I’ve given up hope that Kim will supplement her resilience with a St. Christopher’s medal and a chaperone for her brain’s judgment center. Kim moves from one imminent and often self-generated catastrophe to the next, with equal amounts of absurdly good and bad fortune. She’s like a reincarnation of Job who’s trying to win the Darwin Awards.
It’s because her character isn’t intended to be a real person. The characters do not change or grow. They are devices to take us to the next crisis, to push the story and your buttons. I watched many episodes with someone who would start hurling invective at the screen whenever Nina or Sherry or Kim would appear.
I would argue that even Jack’s character doesn’t really change. He drops out of the program and grows a beard in the first off-season, his response to the personal trauma of the first 24 hours. But this takes place outside of the script and by the end of the first episode of season 2 Jack’s back.
Jack Bauer does offer a model of devotion, heroism, duty and masculine energy. The tension in his choices, many of which cross acceptable boundaries, remains interesting after most of the other devices get tired. We ask ourselves what we would do in the same situation.
Kiefer Sutherland is pretty great. They showed him in the stands at a hockey game the other night and I was proud to
be a fellow citizen and grateful for his service.
Even in the super-concentrated story format he is able to bring us true, breathable moments of action or emotion – such as the way he eats (I think it’s the only meal consumed by any character in the show) in the interrogation room before he’s questioned by Roberta.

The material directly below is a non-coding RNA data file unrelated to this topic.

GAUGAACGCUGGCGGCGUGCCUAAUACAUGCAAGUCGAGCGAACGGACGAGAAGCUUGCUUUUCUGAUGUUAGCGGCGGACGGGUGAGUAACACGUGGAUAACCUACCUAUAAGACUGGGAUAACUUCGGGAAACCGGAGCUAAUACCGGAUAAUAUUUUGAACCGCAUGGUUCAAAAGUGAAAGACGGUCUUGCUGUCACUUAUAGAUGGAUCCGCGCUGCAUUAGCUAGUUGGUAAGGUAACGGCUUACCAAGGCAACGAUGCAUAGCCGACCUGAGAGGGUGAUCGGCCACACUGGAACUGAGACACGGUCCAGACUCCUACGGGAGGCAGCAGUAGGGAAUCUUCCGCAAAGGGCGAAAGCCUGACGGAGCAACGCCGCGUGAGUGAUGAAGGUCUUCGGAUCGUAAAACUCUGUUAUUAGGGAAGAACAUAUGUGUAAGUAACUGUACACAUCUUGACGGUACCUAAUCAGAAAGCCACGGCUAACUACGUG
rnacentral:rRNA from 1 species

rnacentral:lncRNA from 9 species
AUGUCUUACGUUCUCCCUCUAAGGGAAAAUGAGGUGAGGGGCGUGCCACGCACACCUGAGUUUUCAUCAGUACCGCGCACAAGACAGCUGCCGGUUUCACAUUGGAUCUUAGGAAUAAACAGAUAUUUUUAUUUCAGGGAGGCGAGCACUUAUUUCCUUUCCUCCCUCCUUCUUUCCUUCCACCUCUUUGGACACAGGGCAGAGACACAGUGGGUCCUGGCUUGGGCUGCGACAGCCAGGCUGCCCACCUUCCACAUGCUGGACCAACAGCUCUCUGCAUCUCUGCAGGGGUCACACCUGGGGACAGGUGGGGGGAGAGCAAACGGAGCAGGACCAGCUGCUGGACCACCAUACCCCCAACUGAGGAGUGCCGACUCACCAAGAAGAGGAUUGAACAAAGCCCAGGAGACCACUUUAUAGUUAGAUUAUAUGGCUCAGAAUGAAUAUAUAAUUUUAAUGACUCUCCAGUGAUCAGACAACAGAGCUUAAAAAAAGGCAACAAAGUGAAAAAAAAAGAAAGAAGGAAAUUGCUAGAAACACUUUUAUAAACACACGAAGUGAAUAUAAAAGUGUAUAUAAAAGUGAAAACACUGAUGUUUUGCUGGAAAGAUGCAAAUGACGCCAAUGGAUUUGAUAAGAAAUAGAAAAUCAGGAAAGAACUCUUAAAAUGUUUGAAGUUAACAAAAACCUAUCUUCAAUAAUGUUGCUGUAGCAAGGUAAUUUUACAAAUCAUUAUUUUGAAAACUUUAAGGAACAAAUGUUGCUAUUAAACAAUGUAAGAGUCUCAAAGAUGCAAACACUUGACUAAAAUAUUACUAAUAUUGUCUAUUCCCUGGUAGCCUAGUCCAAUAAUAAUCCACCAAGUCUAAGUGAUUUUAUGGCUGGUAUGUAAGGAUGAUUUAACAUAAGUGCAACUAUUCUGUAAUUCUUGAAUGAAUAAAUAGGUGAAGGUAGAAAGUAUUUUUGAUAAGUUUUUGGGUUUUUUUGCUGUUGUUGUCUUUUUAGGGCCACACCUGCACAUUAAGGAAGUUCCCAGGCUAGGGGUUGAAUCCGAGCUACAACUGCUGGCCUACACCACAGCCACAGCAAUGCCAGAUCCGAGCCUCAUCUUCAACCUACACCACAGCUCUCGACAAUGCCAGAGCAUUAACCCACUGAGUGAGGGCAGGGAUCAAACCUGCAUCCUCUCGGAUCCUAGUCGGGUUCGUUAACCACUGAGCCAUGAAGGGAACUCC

Much has been written about the show’s fondness of torture scenes. It seems to me that the show doesn’t work without them. If your goal is to create a story that makes everyone anxious, fearful, primal, retributive, reflexively patriotic, etc. then I think it’s an appropriate tool. Besides, why should the military and its contractors get to have all the fun.
Compared to the unimaginative programming that makes up most of
television (and film) it was an exciting experiment, with good
production and commitment from the actors and superior execution of the
you can adjust your expectation from a TV action drama to a non-animated
dramatic video game in which you don’t get a joystick then maybe it
could be sustainable enjoyment. But when people say the show is addictive, I think it’s more Pavlovian — it hits the brain at an even lower level of development. Which means, of course, I’ll be barking my way through the rest of season two.